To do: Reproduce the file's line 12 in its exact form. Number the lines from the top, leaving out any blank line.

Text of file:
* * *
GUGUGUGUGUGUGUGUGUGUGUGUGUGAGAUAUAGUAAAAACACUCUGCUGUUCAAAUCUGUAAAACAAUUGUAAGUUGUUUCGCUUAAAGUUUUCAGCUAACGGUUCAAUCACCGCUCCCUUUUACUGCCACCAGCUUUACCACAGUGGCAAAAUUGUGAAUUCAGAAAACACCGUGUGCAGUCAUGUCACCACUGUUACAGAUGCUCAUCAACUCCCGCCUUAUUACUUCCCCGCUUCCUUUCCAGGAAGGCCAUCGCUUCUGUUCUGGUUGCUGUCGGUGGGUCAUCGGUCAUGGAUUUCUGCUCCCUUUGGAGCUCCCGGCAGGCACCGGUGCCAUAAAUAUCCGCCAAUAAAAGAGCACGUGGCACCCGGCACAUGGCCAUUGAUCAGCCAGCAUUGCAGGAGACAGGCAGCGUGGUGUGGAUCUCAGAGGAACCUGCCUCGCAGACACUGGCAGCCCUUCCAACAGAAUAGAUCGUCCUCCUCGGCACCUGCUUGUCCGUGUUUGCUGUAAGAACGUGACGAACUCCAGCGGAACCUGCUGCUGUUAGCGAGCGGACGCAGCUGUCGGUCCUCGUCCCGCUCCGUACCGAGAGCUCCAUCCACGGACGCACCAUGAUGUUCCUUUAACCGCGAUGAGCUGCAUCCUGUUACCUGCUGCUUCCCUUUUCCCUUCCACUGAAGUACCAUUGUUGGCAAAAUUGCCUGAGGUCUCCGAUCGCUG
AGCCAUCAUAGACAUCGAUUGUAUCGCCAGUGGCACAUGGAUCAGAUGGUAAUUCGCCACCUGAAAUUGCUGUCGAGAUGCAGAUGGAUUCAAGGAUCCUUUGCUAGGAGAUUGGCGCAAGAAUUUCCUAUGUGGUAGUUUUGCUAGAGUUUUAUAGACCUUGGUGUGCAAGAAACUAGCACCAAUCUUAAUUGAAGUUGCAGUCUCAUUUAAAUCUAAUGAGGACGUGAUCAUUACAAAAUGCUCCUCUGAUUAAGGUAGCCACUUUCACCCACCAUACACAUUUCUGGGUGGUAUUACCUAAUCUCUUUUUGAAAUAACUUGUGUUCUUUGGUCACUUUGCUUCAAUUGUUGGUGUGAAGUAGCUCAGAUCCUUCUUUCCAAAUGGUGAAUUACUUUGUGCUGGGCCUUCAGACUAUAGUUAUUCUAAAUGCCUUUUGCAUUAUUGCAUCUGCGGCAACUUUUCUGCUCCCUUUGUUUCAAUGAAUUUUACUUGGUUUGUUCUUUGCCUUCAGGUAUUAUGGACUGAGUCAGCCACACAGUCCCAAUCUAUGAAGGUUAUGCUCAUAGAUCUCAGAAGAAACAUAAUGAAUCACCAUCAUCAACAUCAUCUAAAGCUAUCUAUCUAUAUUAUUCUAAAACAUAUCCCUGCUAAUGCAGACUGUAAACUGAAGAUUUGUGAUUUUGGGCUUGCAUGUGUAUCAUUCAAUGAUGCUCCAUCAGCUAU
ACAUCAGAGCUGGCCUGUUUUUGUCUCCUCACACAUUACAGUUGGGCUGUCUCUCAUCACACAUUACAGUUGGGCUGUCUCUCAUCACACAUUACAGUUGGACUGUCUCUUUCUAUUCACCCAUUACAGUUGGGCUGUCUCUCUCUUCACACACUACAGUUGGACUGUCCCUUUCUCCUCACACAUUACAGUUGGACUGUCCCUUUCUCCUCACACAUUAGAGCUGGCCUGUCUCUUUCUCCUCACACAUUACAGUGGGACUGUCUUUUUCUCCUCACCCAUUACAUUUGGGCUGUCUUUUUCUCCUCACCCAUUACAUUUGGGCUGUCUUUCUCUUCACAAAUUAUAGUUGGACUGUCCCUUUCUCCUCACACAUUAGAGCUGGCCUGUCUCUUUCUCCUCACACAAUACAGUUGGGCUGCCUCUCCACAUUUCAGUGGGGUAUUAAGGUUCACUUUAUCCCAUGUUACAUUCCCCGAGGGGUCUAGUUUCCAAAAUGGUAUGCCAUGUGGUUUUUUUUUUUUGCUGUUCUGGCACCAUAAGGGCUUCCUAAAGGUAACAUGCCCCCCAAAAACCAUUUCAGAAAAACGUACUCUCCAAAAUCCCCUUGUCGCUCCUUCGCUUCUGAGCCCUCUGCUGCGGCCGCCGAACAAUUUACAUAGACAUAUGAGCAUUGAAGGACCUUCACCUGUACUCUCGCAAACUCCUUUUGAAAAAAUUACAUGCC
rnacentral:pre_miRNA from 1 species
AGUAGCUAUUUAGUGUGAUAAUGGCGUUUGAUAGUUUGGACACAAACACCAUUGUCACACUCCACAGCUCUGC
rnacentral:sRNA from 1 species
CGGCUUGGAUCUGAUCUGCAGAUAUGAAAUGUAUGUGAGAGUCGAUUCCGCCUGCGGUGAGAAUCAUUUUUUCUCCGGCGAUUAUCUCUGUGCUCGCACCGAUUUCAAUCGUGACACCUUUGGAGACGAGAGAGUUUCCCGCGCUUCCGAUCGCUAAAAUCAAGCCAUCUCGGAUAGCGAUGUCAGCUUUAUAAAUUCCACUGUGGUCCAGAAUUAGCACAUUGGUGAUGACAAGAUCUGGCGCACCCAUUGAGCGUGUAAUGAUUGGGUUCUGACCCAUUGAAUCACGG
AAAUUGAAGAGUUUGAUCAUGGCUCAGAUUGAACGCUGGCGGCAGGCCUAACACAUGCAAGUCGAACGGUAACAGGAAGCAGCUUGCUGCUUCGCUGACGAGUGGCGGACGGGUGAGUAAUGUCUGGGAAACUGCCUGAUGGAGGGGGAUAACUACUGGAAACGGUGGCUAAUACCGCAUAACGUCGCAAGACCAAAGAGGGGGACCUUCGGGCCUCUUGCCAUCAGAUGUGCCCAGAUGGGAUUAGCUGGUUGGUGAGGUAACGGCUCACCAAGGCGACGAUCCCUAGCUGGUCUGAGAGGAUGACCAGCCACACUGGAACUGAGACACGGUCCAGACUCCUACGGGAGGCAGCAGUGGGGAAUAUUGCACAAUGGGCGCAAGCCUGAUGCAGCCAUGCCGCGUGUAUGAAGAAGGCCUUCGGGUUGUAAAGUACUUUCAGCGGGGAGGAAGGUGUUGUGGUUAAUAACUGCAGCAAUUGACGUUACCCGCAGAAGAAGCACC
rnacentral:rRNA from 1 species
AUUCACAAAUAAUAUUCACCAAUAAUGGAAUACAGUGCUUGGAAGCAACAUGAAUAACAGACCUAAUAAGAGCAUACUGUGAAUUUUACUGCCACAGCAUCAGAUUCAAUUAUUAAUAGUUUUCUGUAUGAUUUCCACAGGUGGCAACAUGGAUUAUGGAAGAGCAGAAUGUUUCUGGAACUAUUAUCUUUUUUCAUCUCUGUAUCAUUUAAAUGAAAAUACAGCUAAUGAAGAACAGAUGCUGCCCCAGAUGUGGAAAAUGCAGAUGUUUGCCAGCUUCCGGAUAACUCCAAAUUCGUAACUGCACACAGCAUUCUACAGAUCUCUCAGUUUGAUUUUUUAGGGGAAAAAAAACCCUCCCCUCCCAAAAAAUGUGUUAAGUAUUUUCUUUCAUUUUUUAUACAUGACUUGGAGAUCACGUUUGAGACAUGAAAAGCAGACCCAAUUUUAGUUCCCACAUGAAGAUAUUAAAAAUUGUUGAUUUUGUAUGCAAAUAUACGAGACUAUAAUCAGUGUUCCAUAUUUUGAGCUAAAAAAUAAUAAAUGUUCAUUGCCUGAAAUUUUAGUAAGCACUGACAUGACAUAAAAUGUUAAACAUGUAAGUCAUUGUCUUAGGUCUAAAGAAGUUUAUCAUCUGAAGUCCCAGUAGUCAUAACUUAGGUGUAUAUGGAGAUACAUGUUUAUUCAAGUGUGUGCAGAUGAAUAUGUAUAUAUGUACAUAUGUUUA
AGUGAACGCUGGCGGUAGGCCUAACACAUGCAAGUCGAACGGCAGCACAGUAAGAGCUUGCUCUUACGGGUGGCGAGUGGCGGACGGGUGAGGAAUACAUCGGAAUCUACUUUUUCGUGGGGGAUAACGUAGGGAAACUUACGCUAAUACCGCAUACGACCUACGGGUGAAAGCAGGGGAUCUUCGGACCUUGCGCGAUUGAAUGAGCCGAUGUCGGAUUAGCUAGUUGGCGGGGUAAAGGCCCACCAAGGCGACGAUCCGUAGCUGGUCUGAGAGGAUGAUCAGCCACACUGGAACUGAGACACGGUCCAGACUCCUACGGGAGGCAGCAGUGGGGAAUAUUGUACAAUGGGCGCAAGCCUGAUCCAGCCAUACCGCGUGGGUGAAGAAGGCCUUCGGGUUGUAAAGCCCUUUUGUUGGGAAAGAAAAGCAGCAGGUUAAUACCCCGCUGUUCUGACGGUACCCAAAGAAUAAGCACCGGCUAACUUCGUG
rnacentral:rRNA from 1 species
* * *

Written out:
rnacentral:rRNA from 1 species